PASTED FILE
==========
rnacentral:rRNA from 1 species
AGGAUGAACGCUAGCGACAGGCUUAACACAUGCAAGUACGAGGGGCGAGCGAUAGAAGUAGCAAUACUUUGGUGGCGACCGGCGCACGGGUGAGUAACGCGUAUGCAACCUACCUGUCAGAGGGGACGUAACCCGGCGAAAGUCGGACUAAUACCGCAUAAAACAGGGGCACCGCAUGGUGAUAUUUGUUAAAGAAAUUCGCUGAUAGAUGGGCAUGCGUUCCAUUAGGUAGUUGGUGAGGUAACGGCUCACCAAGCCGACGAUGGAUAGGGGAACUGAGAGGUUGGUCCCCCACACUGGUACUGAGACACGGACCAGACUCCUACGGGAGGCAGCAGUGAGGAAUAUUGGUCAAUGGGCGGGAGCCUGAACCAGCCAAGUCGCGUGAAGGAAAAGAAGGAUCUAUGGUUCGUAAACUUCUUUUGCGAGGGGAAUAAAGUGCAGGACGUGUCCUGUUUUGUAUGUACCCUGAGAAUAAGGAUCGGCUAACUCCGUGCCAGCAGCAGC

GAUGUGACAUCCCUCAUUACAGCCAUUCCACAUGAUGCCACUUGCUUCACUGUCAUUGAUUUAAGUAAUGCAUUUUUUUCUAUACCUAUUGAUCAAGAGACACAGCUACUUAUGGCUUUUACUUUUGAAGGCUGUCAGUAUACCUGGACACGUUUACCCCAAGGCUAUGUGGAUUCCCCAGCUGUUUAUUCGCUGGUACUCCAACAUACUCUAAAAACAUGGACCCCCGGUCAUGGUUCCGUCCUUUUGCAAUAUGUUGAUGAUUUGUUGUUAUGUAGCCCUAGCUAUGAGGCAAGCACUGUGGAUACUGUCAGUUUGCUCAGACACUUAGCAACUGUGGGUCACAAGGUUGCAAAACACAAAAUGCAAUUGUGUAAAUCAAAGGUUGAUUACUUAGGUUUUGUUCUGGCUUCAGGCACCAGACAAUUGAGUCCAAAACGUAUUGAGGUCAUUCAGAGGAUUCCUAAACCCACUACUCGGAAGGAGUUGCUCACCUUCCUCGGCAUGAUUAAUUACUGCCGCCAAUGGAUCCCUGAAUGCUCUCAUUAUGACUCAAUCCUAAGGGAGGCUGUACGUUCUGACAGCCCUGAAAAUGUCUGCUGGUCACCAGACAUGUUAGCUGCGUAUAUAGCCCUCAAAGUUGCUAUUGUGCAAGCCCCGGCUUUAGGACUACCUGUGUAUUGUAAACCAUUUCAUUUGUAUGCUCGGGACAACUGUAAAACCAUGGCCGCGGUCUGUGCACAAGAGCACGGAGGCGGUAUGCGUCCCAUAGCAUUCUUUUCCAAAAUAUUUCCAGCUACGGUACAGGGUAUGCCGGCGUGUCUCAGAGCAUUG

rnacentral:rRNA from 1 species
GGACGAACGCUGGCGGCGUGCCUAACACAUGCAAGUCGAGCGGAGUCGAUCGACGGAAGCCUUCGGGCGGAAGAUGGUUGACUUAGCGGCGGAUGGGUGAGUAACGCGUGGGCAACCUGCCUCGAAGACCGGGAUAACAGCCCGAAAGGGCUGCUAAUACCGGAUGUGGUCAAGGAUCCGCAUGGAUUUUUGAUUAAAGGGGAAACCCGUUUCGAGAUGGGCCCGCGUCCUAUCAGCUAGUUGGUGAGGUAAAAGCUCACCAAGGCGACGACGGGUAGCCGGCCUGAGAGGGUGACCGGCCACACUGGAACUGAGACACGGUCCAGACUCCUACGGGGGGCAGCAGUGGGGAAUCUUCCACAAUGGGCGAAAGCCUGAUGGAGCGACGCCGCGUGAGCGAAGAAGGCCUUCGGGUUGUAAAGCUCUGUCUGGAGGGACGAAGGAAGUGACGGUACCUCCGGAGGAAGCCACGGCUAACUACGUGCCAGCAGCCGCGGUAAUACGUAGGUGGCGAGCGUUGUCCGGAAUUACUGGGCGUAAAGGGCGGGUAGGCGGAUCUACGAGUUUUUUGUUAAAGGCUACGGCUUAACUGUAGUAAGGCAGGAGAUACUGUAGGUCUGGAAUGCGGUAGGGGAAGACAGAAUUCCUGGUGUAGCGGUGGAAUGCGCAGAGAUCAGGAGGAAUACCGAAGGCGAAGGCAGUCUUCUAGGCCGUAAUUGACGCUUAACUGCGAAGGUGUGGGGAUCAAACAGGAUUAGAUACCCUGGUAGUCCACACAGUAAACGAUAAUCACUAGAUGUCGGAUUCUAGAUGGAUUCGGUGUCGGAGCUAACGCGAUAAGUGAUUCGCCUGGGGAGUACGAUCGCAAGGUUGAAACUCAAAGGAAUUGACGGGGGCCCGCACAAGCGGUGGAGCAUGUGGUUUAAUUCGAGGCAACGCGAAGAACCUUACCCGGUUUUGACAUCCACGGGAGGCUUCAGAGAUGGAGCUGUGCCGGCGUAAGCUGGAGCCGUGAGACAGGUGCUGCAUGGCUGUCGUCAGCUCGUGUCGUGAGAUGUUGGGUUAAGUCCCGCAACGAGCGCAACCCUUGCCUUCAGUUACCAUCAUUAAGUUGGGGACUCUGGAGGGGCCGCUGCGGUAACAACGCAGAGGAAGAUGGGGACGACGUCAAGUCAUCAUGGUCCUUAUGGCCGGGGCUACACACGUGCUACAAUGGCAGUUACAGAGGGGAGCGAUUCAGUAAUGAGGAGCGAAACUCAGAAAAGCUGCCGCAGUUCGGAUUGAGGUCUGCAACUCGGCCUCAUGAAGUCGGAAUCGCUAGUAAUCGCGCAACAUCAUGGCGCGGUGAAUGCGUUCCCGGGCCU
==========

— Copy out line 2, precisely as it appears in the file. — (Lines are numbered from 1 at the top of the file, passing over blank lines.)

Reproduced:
AGGAUGAACGCUAGCGACAGGCUUAACACAUGCAAGUACGAGGGGCGAGCGAUAGAAGUAGCAAUACUUUGGUGGCGACCGGCGCACGGGUGAGUAACGCGUAUGCAACCUACCUGUCAGAGGGGACGUAACCCGGCGAAAGUCGGACUAAUACCGCAUAAAACAGGGGCACCGCAUGGUGAUAUUUGUUAAAGAAAUUCGCUGAUAGAUGGGCAUGCGUUCCAUUAGGUAGUUGGUGAGGUAACGGCUCACCAAGCCGACGAUGGAUAGGGGAACUGAGAGGUUGGUCCCCCACACUGGUACUGAGACACGGACCAGACUCCUACGGGAGGCAGCAGUGAGGAAUAUUGGUCAAUGGGCGGGAGCCUGAACCAGCCAAGUCGCGUGAAGGAAAAGAAGGAUCUAUGGUUCGUAAACUUCUUUUGCGAGGGGAAUAAAGUGCAGGACGUGUCCUGUUUUGUAUGUACCCUGAGAAUAAGGAUCGGCUAACUCCGUGCCAGCAGCAGC